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Soil Matters: How the Federal Crop Insurance Program should be reformed to encourage low-risk farming methods with high-reward environmental outcomes

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  • O'Connor, Claire
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    Abstract

    Although significant research has been done on managing farmers’ financial risk through federal programs such as federal crop insurance, to date, little attention has been paid to the ability of on-farm management’s potential to mitigate agricultural risk. Federal crop insurance could empower farmers to use their farm management skills to become more resilient to extreme weather conditions. This paper proposes a federal crop insurance pilot program that reduces premium rates for farmers who lower their risk of crop loss by investing in technically sound management practices that both reduce the risk of loss in the near-term and build soil health and increase productive capacity in the long-term. For example, soil moisture management practices, such as conservation tillage, cover cropping, and improved irrigation scheduling, reduce weather-related risks, such as droughts and floods. In the short-term, encouraging practices that increase soil moisture and water infiltration, as well as combat pest pressures, will help decrease yield fluctuation due to unfavorable weather in a given year. In the long-term, farmers who invest in soil health will increase their fields’ yield potential and be better prepared to face the challenge of a changing climate, in which extreme weather events are predicted to be more frequent and intense. Because these practices reduce the risk of crop loss, federal crop insurance can and should encourage them through an actuarially sound premium reduction pilot program.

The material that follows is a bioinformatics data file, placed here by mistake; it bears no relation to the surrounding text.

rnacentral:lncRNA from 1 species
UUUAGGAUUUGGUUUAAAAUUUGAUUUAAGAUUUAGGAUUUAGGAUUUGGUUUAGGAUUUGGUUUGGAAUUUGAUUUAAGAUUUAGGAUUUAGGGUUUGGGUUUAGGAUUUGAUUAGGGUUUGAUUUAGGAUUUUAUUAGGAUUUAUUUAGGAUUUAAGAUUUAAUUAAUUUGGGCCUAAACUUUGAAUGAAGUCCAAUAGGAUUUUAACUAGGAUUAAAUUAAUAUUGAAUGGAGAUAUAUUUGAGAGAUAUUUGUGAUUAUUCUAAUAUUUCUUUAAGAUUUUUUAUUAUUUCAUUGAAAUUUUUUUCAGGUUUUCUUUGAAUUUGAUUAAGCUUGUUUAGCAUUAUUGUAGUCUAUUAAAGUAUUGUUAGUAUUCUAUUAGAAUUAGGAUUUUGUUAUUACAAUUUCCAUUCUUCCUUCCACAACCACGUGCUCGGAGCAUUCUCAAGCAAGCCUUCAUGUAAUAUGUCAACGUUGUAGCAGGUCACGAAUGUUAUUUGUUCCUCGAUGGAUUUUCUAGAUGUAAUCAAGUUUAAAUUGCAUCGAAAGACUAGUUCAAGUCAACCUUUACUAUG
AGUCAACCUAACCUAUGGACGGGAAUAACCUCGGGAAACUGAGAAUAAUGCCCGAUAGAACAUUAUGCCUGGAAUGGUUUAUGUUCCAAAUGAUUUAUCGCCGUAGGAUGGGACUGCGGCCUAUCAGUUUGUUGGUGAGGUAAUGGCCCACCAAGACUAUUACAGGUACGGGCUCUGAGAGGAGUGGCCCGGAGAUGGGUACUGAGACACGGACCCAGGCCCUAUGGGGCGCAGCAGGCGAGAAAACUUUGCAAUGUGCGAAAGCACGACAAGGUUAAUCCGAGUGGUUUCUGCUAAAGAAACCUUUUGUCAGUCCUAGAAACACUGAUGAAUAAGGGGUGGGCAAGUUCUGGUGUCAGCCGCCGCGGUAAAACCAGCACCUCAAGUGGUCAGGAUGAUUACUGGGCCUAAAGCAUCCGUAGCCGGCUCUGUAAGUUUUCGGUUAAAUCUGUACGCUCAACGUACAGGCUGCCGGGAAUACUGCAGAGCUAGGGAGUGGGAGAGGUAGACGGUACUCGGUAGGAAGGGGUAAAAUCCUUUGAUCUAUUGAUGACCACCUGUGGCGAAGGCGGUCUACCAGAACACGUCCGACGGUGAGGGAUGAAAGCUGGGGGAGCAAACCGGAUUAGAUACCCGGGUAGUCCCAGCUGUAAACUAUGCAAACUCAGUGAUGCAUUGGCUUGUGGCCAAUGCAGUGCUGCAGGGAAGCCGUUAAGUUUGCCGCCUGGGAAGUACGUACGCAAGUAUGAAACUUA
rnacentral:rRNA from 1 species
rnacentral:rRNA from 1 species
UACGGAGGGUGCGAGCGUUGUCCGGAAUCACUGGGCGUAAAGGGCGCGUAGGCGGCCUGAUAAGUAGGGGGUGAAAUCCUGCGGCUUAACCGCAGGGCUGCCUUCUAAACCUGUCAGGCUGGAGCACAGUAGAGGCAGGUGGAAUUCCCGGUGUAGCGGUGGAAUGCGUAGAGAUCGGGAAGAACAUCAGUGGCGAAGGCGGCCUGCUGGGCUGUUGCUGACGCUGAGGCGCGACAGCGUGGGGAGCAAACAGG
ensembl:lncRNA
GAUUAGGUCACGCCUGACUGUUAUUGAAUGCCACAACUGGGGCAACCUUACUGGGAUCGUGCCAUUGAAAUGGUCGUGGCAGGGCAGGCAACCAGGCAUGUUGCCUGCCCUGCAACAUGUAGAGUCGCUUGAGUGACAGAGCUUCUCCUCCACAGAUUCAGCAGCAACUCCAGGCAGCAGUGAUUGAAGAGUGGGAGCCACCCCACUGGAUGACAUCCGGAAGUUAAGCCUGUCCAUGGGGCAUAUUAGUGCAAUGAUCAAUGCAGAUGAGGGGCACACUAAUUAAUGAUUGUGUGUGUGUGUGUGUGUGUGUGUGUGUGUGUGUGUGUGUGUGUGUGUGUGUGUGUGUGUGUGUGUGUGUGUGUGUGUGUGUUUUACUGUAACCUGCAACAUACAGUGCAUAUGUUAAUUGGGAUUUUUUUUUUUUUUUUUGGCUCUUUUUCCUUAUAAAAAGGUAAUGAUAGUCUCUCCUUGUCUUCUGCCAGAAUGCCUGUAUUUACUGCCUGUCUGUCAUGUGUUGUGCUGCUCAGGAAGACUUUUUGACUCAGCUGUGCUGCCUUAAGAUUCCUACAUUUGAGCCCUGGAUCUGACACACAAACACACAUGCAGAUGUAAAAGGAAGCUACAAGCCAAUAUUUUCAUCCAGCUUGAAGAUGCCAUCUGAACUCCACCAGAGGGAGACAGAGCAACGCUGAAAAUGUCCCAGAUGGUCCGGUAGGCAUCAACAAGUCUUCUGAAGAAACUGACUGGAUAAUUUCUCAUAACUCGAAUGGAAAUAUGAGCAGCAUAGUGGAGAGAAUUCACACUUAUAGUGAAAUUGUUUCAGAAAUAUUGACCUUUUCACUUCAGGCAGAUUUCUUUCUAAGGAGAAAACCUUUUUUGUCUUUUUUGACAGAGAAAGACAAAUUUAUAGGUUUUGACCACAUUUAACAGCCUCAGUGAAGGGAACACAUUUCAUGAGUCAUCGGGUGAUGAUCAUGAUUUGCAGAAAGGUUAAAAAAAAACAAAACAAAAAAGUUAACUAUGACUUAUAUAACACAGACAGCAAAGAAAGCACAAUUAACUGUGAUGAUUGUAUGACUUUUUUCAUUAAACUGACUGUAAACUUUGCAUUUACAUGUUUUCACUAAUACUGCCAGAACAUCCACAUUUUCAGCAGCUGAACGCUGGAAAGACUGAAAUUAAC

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    File URL: http://purl.umn.edu/156789
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    Bibliographic Info

    Paper provided by Agricultural and Applied Economics Association in its series 2013 AAEA: Crop Insurance and the Farm Bill Symposium, October 8-9, Louisville, KY with number 156789.

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    Date of creation: 2013
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    Handle: RePEc:ags:aaeaci:156789

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    Keywords: crop insurance; no-till; cover crop; Agricultural and Food Policy; Crop Production/Industries; Environmental Economics and Policy; Farm Management; Risk and Uncertainty;

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    1. Osteen, Craig D. & Vasavada, Utpal, 2012. "Agricultural Resources and Environmental Indicators, 2012 Edition," Economic Information Bulletin 132048, United States Department of Agriculture, Economic Research Service.
    2. Toliver, Dustin K. & Larson, James A. & English, Burton C. & Roberts, Roland K. & Torre Ugarte, Daniel de la & West, Tristram O., 2011. "Effects of No-Tillage Production Practices on Crop Yields as Influenced by Crop and Growing Environment Factors," 2011 Annual Meeting, February 5-8, 2011, Corpus Christi, Texas 98818, Southern Agricultural Economics Association.
    3. Ramirez, Octavio A. & Carpio, Carlos E. & Rejesus, Roderick M., 2009. "Can Crop Insurance Premiums be Reliably Estimated?," 2009 Annual Meeting, July 26-28, 2009, Milwaukee, Wisconsin 49465, Agricultural and Applied Economics Association.
    4. Ko, Jonghan & Piccinni, Giovanni, 2009. "Corn yield responses under crop evapotranspiration-based irrigation management," Agricultural Water Management, Elsevier, vol. 96(5), pages 799-808, May.
    5. Barry K. Goodwin & Monte L. Vandeveer & John L. Deal, 2004. "An Empirical Analysis of Acreage Effects of Participation in the Federal Crop Insurance Program," American Journal of Agricultural Economics, Agricultural and Applied Economics Association, vol. 86(4), pages 1058-1077.
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